To finance the compensatory feed-in remuneration scheme, the Energy Act stipulates that, with effect from 1 January 2009, a maximum surcharge of 0.6 cents per kilowatt hour for Swiss electricity final consumption will be levied.  In 2009 the surcharge will be 0.45 cents per kilowatt hour. This will guarantee financing for the scheme in the first year of operation (see Annex). Not all plants will go into operation on 1 January 2009. Many of them still have to be built first and will only start producing electricity in the next few months or years. The planning and construction phase can take up to eight years, depending on the technology. The compensatory feed-in remuneration will not be paid until electricity is actually fed into the grid.

Depending on the development of electricity final consumption in Switzerland and electricity market prices, this surcharge could be reduced in 2010, not least because part of additional cost financing will be abolished in 2010.

Transition from additional cost financing (15 cents per kWh) to compensatory feed-in remuneration

Before the introduction of the compensatory feed-in remuneration scheme, electricity production from renewable energies was incentivised by the additional cost financing system with the "15 cents per kWh" incentive. Existing additional cost financing agreements will remain in force until 2025, and until 2035 for hydro power. However, from 2009 accounts will be settled using the compensatory feed-in remuneration surcharge and the settlement schedule will change from annual to quarterly payments. The changeover of the incentive scheme will result in one-off costs for additional cost financing being much higher in 2009 then in previous years: on the one hand because the additional costs for the whole of 2008 will have to be increased, and on the other hand because the additional costs for 2009 have already been increased. As of 2010, these additional costs will once again be within the normal range. However, accumulated costs will decrease since some of the previous authorised parties will have to switch to the new scheme.

In addition, the automatic cession of guarantees of origin for electricity from renewable energies will come into force in 2009. Anyone wishing to continue charging additional costs after 2009 will have to have their plant accredited under the guarantee of origin system.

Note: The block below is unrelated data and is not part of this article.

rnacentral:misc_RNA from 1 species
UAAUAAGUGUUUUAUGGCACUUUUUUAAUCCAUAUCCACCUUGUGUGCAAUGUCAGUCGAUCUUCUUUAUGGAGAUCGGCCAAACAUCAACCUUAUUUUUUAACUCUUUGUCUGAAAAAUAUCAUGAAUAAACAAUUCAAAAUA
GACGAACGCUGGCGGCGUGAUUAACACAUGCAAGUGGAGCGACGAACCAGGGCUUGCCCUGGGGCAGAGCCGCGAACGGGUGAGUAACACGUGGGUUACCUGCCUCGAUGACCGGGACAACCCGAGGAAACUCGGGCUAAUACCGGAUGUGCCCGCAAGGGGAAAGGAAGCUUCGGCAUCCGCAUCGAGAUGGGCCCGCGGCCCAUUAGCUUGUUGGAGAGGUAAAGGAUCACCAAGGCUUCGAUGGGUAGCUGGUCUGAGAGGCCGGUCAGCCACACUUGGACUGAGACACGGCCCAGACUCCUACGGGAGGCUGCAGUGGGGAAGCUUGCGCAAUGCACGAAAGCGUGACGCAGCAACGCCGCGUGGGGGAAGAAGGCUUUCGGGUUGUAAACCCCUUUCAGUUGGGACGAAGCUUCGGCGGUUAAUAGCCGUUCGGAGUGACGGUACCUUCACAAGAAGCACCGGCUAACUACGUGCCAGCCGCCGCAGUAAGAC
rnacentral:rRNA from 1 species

SOFE devises solutions for the future of the compensatory feed-in remuneration scheme

The long waiting list of thousands of photovoltaic plants has already led to several parliamentary proposals in the last few months calling for the removal or raising of the statutory photovoltaic cost cap, the total cap or the add-on quota. The SFOE has submitted a report on the problem to the responsible parliamentary commissions. On the one hand it is important to start up the compensatory feed-in remuneration scheme now, in order to gather practical experience in the first year of operation. On the other hand, however, given the anticipated gridlock in the scheme, political decisions need to be made regarding the future of compensatory feed-in remuneration. Over the next few months the SFOE will draw up specific proposals at the request of the DETEC.

Producers can switch to the green energy market

Recipients of the compensatory feed-in remuneration do not generate electricity for their own needs but sell their electricity at cost-effective prices that simultaneously also cover the ecological added value of the green electricity.

Plant operators who do not want to or cannot (yet) profit from the remuneration scheme can opt to either use the electricity they produce to cover their own needs, market the ecological added value on the green energy market or on a green energy exchange, or sell their electricity at the market price. In the latter case, the advisory Commission for Connection Conditions for Renewable Energies (KAEE) will draw up guidelines for the energy providers.

Address for enquiries

Michael Kaufmann, Deputy Director of the SFOE, 031 322 56 02
Regula Petersen, Expert on compensatory feed-in remuneration at the SFOE, 031 322 56 54


Swiss Federal Office of Energy